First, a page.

Saturday, June 3, 2017

Crime Fiction Reading in May 2017

The most notable thing about the books I read this month is that they are all written by women. I did not get the idea for this theme until I had read a couple of books, and it was fun choosing my next book based on this criteria.

Books I read this month:

Cocaine Blues by Kerry Greenwood (1989)
This is the first book in Kerry Greenwood's long running series about Phryne Fisher, a rich young woman who was born in Australia but lives in London as the series begins. A friend of her father, Colonel Harper, asks her to go to Melbourne, Australia and check on his daughter. He and his wife fear that she is being poisoned by her husband. Phryne would prefer traveling and detecting to the boring society events in London so she agrees to take the trip and see what she can do. Set in 1928, this is an interesting look at Melbourne at that time.
Murder in Jerusalem by Batya Gur (2004)
This is the final book in the Michael Ohayon series by Batya Gur. Each book takes place in a particular environment; in this book it is a TV station in Jerusalem, and a woman's body in found in the wardrobe and prop warehouse. The story is more of a psychological mystery than a fast-paced thriller. Murder in Jerusalem was not my favorite in the series, but I enjoyed this last visit with Chief Superintendent Michael Ohayon and his coworkers as they solve the mystery.

Blanche on the Lam by Barbara Neely (1992)
This debut novel about Blanche White, an African-American housekeeper in North Carolina, won the Agatha Award and the Anthony Award for best first novel. My thoughts on the book are here.



Murder... Now and Then by Jill McGown (1993)
This is the 6th book in the police procedural series featuring DCI Lloyd and DI Judy Hill. Jill McGown is one of my favorite authors. See my thoughts here.

Indemnity Only by Sarah Paretsky (1982)
This description from Goodreads sums it up pretty well:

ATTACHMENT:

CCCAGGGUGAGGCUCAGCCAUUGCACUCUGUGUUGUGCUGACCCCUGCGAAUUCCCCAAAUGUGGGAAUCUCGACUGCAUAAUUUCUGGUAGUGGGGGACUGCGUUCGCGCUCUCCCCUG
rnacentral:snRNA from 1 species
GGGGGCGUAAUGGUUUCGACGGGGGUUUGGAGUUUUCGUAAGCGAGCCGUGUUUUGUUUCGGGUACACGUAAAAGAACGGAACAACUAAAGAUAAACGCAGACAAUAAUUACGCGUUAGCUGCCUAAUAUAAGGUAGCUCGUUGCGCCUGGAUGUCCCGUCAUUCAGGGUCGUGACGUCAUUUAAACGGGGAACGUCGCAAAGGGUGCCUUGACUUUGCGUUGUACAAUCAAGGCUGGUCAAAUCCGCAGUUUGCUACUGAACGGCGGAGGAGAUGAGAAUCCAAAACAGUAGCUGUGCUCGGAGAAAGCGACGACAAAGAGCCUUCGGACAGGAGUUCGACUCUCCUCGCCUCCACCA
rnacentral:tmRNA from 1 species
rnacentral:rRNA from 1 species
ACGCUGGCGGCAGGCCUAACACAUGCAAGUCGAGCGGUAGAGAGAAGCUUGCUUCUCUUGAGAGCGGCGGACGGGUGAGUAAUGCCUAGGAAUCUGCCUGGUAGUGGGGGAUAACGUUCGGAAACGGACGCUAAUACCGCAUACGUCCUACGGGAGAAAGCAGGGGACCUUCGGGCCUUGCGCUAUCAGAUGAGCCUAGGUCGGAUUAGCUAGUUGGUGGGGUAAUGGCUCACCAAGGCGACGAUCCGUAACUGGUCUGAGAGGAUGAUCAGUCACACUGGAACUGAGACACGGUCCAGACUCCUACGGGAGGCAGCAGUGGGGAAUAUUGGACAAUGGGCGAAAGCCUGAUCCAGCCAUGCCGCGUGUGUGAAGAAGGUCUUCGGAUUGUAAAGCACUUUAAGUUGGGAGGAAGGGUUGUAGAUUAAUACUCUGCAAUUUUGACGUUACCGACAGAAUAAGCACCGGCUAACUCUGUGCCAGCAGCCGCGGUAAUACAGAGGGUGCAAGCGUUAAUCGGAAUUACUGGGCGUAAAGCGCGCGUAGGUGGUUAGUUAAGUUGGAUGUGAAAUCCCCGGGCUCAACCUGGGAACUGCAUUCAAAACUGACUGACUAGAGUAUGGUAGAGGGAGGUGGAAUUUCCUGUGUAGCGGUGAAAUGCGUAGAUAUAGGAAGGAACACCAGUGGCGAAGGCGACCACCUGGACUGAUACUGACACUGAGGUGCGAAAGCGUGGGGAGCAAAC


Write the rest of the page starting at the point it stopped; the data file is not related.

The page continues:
The vice-president of a Chicago bank hires V.I. Warshawski to find his son. She's pleased. The head of the International Brotherhood of Knifegrinders hires her to find his daughter. She's not so pleased. Who's the boss in this dangerous game of insurance fraud, murder contracts and gunmen?


The Last Billable Hour by Susan Wolfe (1989)
Susan Wolfe is a lawyer, and in this book she writes about a Silicon Valley law firm filled with sleazy and / or ambitious lawyers. She writes well about this subject; I hope she hasn't ever had to work in such a corrupt  firm. Howard Rickover is an inexperienced lawyer and has only been at Tweedmore and Slyde for a few months when one of the founders, Leo Slyde, is killed. Homicide detective Sarah Nelson enlists his help in uncovering the murderer. I liked this book a lot, even though it is an amateur sleuth mystery, and it is shame that the author did not continue with more books about this pair.





The Janus Stone by Elly Griffiths (2010)
This is the second book in the series featuring forensics archaeologist Ruth Galloway. Ruth lives in Norfolk in an isolated cottage on the saltmarsh. She is called in as an expert when the bones of a young child are found on a building site. I enjoyed this book and will continue on the the next in the series, The House at Sea's End.

18 comments:

  1. You read books by some of my favorite authors: Sara Paretsky, Elly Griffiths, Kerry Greenwood and Barbara Neely.
    I have not read the Phrynne Fisher books, only the Corinna Chapman series, but have seen the fabulous Essie Davis play Phrynne on TV. You must see that series.

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    1. I do remember how much you like Sara Paretsky, Kathy, and I will be reading more of them. Do you recommend reading them in order (because I have #2 and #3 in the series) or are the later books better?

      I have had Cocaine Blues by Greenwood for 11 years and finally read it. One motivation is that I would like to try the TV series, but I hear it is very different from the books. I liked this book a lot.

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  2. You always have such great selections, varied and intriguing. I usually have read about half, so that means I'm inclined to think I'd like the other half. Will you be writing reviews of the ones you haven't covered yet? I read Last Billable Hour a long time ago and loved it - like you, I hoped she would do more.